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I'm trying to setup an Apache web server that only allows access to users that are in an LDAP store. I am able to setup exactly what I want on my local Windows 7 machine using Apache 2.2.21 against the LDAP server. After trying to login through the prompt, the Linux version displays a 500 error page.

To setup the Apache on CentOS I ran the below commands:

yum install httpd mod_ssl mod_authz_ldap

I made sure that

LoadModule ldap_module modules/mod_ldap.so
LoadModule authnz_ldap_module modules/mod_authnz_ldap.so

were both uncommented in /etc/httpd/conf/httpd.conf.

My <Directory/> is the same between my Windows and Linux httpd.conf (except for the DocumentRoot of course)

AuthName "Login with email address"
AuthType Basic
AuthBasicProvider ldap
AuthzLDAPAuthoritative off
AuthLDAPURL ldap://ldap.sample.org:1389/ou=Users,dc=sample,dc=org?uid?sub
AuthLDAPBindDN "cn=Directory Manager"
AuthLDAPBindPassword ldappassword
Require valid-user

Options Indexes FollowSymLinks
AllowOverride All
Order allow,deny
Allow from all

(note: our LDAP server is serving on port 1389.)

The /var/log/httpd/error_log from Apache on the Linux machine shows:

[Fri Dec 23 08:17:20 2011] [warn] [client 192.168.1.113] [8181] auth_ldap authenticate: user foo authentication failed; URI / [LDAP: ldap_simple_bind_s() failed][Can't contact LDAP server]

I can telnet to the LDAP port from both the Windows and Linux machines. As I mentioned before, the Windows version is working exactly as expected.

One thing I did notice between the Windows version and the Linux version of Apache httpd.conf is the Linux version has almost all the modules enabled by default while the Windows version has most of them commented out which leads me to believe that there could possibly be a module conflict.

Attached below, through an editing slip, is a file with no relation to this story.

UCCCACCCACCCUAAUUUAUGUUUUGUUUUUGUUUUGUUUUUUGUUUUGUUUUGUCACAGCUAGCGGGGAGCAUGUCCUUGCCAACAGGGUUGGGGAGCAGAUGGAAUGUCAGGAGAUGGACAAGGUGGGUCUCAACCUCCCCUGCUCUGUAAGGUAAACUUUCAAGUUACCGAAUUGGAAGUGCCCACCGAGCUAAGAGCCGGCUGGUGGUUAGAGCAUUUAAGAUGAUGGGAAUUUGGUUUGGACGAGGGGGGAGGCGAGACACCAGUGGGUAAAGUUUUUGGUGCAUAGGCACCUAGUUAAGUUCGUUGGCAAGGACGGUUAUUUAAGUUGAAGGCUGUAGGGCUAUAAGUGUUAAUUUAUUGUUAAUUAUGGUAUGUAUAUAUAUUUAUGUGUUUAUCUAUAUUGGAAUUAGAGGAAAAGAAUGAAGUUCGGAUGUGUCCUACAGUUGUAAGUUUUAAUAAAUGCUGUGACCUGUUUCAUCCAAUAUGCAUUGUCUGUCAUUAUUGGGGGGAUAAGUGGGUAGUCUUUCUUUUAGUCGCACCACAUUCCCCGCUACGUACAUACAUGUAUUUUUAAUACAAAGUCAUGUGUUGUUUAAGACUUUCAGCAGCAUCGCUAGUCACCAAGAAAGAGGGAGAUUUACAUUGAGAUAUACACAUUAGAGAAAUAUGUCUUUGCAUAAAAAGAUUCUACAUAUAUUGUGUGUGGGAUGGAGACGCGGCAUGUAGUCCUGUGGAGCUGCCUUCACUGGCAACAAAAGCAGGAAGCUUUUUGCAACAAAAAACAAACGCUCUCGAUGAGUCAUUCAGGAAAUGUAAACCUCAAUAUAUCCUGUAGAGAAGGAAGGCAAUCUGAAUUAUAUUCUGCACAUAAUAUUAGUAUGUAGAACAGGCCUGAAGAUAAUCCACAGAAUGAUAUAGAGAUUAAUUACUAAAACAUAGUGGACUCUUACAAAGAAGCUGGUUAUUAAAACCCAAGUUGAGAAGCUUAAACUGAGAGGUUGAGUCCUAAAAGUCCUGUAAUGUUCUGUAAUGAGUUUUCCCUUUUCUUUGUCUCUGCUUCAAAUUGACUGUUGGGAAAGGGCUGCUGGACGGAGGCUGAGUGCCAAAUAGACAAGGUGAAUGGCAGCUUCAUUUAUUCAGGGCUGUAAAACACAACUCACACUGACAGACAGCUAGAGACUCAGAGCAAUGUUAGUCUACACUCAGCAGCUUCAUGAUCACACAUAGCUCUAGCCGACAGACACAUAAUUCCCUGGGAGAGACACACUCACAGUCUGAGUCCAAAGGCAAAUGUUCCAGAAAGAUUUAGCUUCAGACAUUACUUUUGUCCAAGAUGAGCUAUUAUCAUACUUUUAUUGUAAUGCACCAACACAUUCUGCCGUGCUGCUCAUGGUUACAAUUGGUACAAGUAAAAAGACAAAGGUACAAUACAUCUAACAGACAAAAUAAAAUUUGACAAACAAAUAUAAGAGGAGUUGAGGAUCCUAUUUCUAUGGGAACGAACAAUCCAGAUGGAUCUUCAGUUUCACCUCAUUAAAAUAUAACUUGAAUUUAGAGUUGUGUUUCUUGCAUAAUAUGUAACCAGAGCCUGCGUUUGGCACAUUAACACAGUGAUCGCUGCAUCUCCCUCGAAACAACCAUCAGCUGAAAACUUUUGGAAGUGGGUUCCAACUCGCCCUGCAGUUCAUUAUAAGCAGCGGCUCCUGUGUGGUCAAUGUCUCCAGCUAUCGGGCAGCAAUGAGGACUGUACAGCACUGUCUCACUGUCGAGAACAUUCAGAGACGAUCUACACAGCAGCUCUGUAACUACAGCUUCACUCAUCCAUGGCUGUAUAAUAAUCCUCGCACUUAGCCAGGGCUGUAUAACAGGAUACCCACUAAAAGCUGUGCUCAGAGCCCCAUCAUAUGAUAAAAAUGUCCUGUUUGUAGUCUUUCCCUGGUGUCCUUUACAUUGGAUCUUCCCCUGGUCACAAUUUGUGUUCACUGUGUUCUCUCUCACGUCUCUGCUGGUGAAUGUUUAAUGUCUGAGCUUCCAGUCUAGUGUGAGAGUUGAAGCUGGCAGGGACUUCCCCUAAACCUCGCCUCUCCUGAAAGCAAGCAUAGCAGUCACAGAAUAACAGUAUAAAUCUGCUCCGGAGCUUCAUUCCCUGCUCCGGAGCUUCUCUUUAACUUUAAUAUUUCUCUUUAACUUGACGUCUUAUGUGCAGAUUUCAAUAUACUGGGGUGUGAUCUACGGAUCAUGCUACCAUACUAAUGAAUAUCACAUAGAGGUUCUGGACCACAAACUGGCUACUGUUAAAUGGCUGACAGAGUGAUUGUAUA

Does anyone have any ideas?

Thanks!

share|improve this question
    
The only that that looks "off" there to me is the bind DN - I've always given that the full distinguished name for the bind user, maybe try that? –  Shane Madden Dec 23 '11 at 20:01
    
We are using OpenDS on our LDAP server so as far as I can tell, "cn=Directory Manager" is the full DN. What's odd though is that the Windows Apache likes the bindDN. I'll do some more research to see if I can find a complete default bindDN for OpenDS. Thanks. –  jrose Dec 23 '11 at 20:15
2  
I decided to change my SELinux settings on CentOS from "Enforcing" to "Permissive" and it works now. When I find the appropriate rule for SELinux I'll post it back here. –  jrose Dec 23 '11 at 21:04
1  
Nice! Feel free to post it as an answer, for any future searchers that run into the same issue. –  Shane Madden Dec 23 '11 at 22:02

1 Answer 1

It turns out that SELinux was blocking Apache's connection to LDAP. Running the command:

grep -m 1 httpd /var/log/audit/audit.log | audit2why

I was able to find out that Apache was trying to connect to a port that SELinux didn't recognize. After following suggestions from this site and the CentOS/SELinux documentation I was able to reach a solution. My troubles were caused by the use of non-standard LDAP port (as recommended by OpenDS). By adding these ports to SELinux under "ldap_port_t" I was able to resolve the issue. As root (or "sudo") run the below commands replacing the port numbers with your own LDAP/LDAPS port numbers.

semanage port -a -t ldap_port_t -p tcp 1389
semanage port -a -t ldap_port_t -p tcp 8636
semanage port -a -t ldap_port_t -p udp 1389
semanage port -a -t ldap_port_t -p upd 8636

I hope this helps someone in the future from banging their head against the wall as much as I did.

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